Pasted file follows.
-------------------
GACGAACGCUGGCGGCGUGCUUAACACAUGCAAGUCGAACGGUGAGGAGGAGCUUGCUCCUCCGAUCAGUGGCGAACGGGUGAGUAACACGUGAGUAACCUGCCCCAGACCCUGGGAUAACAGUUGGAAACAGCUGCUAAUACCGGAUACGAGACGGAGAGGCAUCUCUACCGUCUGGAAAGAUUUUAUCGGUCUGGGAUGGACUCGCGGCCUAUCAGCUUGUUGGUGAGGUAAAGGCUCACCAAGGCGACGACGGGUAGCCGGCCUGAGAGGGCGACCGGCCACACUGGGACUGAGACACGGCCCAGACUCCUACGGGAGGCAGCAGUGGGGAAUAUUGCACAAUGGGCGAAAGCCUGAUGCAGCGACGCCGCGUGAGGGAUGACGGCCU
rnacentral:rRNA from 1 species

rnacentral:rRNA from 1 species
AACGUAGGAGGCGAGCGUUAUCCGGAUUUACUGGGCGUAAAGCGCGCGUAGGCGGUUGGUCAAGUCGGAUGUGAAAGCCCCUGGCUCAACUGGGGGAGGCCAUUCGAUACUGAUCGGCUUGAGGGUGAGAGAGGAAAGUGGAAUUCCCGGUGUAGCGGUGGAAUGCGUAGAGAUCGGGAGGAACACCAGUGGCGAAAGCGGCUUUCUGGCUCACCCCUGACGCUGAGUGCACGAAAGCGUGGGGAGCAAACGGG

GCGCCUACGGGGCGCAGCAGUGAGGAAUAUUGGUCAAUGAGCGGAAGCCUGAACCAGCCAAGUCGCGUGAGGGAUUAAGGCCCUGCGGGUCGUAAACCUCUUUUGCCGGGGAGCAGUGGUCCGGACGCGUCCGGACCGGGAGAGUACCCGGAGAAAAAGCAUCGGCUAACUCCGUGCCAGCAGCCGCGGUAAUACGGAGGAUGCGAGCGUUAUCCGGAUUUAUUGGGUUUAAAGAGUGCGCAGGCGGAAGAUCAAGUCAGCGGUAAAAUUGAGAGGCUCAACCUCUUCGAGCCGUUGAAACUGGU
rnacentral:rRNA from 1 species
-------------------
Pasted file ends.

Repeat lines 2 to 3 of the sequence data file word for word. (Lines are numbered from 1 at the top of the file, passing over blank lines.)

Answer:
rnacentral:rRNA from 1 species

rnacentral:rRNA from 1 species